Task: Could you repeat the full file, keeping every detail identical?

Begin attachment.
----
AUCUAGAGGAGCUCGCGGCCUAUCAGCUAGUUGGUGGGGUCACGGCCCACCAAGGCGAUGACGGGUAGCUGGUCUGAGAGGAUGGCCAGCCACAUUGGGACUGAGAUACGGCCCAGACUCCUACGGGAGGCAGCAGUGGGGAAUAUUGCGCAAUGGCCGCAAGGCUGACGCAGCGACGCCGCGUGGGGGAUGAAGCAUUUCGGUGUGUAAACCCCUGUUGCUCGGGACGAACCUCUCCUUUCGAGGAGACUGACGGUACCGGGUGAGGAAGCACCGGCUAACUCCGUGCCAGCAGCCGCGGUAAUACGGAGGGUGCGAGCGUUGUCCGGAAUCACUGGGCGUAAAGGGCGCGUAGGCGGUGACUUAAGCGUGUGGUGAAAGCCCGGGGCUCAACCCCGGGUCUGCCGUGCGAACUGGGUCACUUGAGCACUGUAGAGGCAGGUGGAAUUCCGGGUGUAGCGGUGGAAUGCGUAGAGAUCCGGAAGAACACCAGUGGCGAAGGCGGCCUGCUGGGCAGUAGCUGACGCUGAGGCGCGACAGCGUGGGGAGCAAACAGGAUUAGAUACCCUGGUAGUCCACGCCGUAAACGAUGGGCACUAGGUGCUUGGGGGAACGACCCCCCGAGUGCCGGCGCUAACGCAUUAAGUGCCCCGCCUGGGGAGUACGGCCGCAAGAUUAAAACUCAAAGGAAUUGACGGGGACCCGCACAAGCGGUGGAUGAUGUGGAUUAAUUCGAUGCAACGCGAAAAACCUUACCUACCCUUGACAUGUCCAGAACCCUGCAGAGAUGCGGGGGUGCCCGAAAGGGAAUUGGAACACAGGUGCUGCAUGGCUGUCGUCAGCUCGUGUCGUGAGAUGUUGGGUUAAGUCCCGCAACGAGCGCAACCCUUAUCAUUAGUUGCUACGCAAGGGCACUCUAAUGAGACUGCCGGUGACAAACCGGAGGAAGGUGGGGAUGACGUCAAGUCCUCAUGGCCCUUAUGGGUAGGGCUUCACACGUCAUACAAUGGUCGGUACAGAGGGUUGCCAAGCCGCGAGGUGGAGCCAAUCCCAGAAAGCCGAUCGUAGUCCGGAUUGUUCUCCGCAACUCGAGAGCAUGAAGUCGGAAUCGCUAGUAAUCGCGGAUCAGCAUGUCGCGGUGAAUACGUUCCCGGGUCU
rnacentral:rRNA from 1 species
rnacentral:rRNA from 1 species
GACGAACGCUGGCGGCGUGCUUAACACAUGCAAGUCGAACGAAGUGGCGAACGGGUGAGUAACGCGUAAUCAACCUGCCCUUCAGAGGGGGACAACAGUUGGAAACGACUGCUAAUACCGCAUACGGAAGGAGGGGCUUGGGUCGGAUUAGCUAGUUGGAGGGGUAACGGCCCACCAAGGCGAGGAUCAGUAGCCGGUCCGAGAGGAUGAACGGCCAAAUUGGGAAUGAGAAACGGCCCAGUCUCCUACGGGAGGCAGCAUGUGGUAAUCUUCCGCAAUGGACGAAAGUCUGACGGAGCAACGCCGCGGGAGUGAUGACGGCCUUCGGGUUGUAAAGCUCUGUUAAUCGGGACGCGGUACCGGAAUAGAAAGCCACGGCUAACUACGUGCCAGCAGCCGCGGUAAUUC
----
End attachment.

AUCUAGAGGAGCUCGCGGCCUAUCAGCUAGUUGGUGGGGUCACGGCCCACCAAGGCGAUGACGGGUAGCUGGUCUGAGAGGAUGGCCAGCCACAUUGGGACUGAGAUACGGCCCAGACUCCUACGGGAGGCAGCAGUGGGGAAUAUUGCGCAAUGGCCGCAAGGCUGACGCAGCGACGCCGCGUGGGGGAUGAAGCAUUUCGGUGUGUAAACCCCUGUUGCUCGGGACGAACCUCUCCUUUCGAGGAGACUGACGGUACCGGGUGAGGAAGCACCGGCUAACUCCGUGCCAGCAGCCGCGGUAAUACGGAGGGUGCGAGCGUUGUCCGGAAUCACUGGGCGUAAAGGGCGCGUAGGCGGUGACUUAAGCGUGUGGUGAAAGCCCGGGGCUCAACCCCGGGUCUGCCGUGCGAACUGGGUCACUUGAGCACUGUAGAGGCAGGUGGAAUUCCGGGUGUAGCGGUGGAAUGCGUAGAGAUCCGGAAGAACACCAGUGGCGAAGGCGGCCUGCUGGGCAGUAGCUGACGCUGAGGCGCGACAGCGUGGGGAGCAAACAGGAUUAGAUACCCUGGUAGUCCACGCCGUAAACGAUGGGCACUAGGUGCUUGGGGGAACGACCCCCCGAGUGCCGGCGCUAACGCAUUAAGUGCCCCGCCUGGGGAGUACGGCCGCAAGAUUAAAACUCAAAGGAAUUGACGGGGACCCGCACAAGCGGUGGAUGAUGUGGAUUAAUUCGAUGCAACGCGAAAAACCUUACCUACCCUUGACAUGUCCAGAACCCUGCAGAGAUGCGGGGGUGCCCGAAAGGGAAUUGGAACACAGGUGCUGCAUGGCUGUCGUCAGCUCGUGUCGUGAGAUGUUGGGUUAAGUCCCGCAACGAGCGCAACCCUUAUCAUUAGUUGCUACGCAAGGGCACUCUAAUGAGACUGCCGGUGACAAACCGGAGGAAGGUGGGGAUGACGUCAAGUCCUCAUGGCCCUUAUGGGUAGGGCUUCACACGUCAUACAAUGGUCGGUACAGAGGGUUGCCAAGCCGCGAGGUGGAGCCAAUCCCAGAAAGCCGAUCGUAGUCCGGAUUGUUCUCCGCAACUCGAGAGCAUGAAGUCGGAAUCGCUAGUAAUCGCGGAUCAGCAUGUCGCGGUGAAUACGUUCCCGGGUCU
rnacentral:rRNA from 1 species
rnacentral:rRNA from 1 species
GACGAACGCUGGCGGCGUGCUUAACACAUGCAAGUCGAACGAAGUGGCGAACGGGUGAGUAACGCGUAAUCAACCUGCCCUUCAGAGGGGGACAACAGUUGGAAACGACUGCUAAUACCGCAUACGGAAGGAGGGGCUUGGGUCGGAUUAGCUAGUUGGAGGGGUAACGGCCCACCAAGGCGAGGAUCAGUAGCCGGUCCGAGAGGAUGAACGGCCAAAUUGGGAAUGAGAAACGGCCCAGUCUCCUACGGGAGGCAGCAUGUGGUAAUCUUCCGCAAUGGACGAAAGUCUGACGGAGCAACGCCGCGGGAGUGAUGACGGCCUUCGGGUUGUAAAGCUCUGUUAAUCGGGACGCGGUACCGGAAUAGAAAGCCACGGCUAACUACGUGCCAGCAGCCGCGGUAAUUC